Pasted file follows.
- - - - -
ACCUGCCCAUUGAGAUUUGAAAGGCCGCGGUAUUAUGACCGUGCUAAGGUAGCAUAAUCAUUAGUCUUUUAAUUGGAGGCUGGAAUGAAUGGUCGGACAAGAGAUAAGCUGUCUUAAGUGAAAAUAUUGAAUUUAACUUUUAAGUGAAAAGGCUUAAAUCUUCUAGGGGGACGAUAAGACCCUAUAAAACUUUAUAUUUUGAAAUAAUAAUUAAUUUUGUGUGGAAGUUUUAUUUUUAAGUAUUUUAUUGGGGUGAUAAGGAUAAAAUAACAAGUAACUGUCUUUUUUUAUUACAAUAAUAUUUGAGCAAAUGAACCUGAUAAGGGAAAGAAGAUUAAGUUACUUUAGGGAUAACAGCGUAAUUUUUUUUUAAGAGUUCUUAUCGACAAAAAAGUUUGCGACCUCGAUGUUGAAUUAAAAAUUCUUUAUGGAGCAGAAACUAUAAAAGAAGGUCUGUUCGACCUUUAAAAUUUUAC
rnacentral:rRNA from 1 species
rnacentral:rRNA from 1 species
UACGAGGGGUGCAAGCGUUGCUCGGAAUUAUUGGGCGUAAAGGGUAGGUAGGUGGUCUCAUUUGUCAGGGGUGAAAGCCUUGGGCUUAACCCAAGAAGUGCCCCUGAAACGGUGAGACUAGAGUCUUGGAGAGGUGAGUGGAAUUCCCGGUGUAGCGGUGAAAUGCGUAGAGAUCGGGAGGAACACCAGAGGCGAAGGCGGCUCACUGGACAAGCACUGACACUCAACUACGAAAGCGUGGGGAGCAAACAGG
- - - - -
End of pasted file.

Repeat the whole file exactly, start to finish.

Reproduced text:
ACCUGCCCAUUGAGAUUUGAAAGGCCGCGGUAUUAUGACCGUGCUAAGGUAGCAUAAUCAUUAGUCUUUUAAUUGGAGGCUGGAAUGAAUGGUCGGACAAGAGAUAAGCUGUCUUAAGUGAAAAUAUUGAAUUUAACUUUUAAGUGAAAAGGCUUAAAUCUUCUAGGGGGACGAUAAGACCCUAUAAAACUUUAUAUUUUGAAAUAAUAAUUAAUUUUGUGUGGAAGUUUUAUUUUUAAGUAUUUUAUUGGGGUGAUAAGGAUAAAAUAACAAGUAACUGUCUUUUUUUAUUACAAUAAUAUUUGAGCAAAUGAACCUGAUAAGGGAAAGAAGAUUAAGUUACUUUAGGGAUAACAGCGUAAUUUUUUUUUAAGAGUUCUUAUCGACAAAAAAGUUUGCGACCUCGAUGUUGAAUUAAAAAUUCUUUAUGGAGCAGAAACUAUAAAAGAAGGUCUGUUCGACCUUUAAAAUUUUAC
rnacentral:rRNA from 1 species
rnacentral:rRNA from 1 species
UACGAGGGGUGCAAGCGUUGCUCGGAAUUAUUGGGCGUAAAGGGUAGGUAGGUGGUCUCAUUUGUCAGGGGUGAAAGCCUUGGGCUUAACCCAAGAAGUGCCCCUGAAACGGUGAGACUAGAGUCUUGGAGAGGUGAGUGGAAUUCCCGGUGUAGCGGUGAAAUGCGUAGAGAUCGGGAGGAACACCAGAGGCGAAGGCGGCUCACUGGACAAGCACUGACACUCAACUACGAAAGCGUGGGGAGCAAACAGG